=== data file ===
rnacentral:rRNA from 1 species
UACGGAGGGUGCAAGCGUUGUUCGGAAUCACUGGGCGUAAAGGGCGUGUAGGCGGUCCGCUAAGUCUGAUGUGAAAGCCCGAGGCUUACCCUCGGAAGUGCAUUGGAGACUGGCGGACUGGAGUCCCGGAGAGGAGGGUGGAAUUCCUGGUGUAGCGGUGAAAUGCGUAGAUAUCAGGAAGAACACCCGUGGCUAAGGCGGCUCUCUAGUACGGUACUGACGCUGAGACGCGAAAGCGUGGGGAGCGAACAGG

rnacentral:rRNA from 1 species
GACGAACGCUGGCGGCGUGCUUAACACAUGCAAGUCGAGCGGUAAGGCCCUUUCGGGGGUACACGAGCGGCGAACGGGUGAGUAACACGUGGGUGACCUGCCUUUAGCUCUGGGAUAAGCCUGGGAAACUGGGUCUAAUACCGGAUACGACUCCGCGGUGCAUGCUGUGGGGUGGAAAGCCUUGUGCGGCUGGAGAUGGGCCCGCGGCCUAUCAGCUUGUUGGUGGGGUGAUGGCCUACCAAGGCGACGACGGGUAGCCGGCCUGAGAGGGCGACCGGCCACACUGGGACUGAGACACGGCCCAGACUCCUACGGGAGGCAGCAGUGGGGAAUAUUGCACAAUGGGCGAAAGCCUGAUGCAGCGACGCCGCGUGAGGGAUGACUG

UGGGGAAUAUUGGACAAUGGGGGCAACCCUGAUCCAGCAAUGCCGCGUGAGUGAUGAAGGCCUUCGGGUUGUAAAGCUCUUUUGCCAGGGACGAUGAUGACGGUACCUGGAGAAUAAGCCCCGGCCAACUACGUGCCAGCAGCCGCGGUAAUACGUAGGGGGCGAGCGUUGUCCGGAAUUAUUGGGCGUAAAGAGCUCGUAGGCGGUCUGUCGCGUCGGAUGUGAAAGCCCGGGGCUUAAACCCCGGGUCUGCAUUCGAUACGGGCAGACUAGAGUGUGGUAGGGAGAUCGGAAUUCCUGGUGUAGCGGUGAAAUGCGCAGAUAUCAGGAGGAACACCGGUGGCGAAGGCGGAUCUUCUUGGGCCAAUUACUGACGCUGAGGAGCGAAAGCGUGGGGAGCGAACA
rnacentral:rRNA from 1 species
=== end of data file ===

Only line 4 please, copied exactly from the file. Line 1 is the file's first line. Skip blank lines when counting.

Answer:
GACGAACGCUGGCGGCGUGCUUAACACAUGCAAGUCGAGCGGUAAGGCCCUUUCGGGGGUACACGAGCGGCGAACGGGUGAGUAACACGUGGGUGACCUGCCUUUAGCUCUGGGAUAAGCCUGGGAAACUGGGUCUAAUACCGGAUACGACUCCGCGGUGCAUGCUGUGGGGUGGAAAGCCUUGUGCGGCUGGAGAUGGGCCCGCGGCCUAUCAGCUUGUUGGUGGGGUGAUGGCCUACCAAGGCGACGACGGGUAGCCGGCCUGAGAGGGCGACCGGCCACACUGGGACUGAGACACGGCCCAGACUCCUACGGGAGGCAGCAGUGGGGAAUAUUGCACAAUGGGCGAAAGCCUGAUGCAGCGACGCCGCGUGAGGGAUGACUG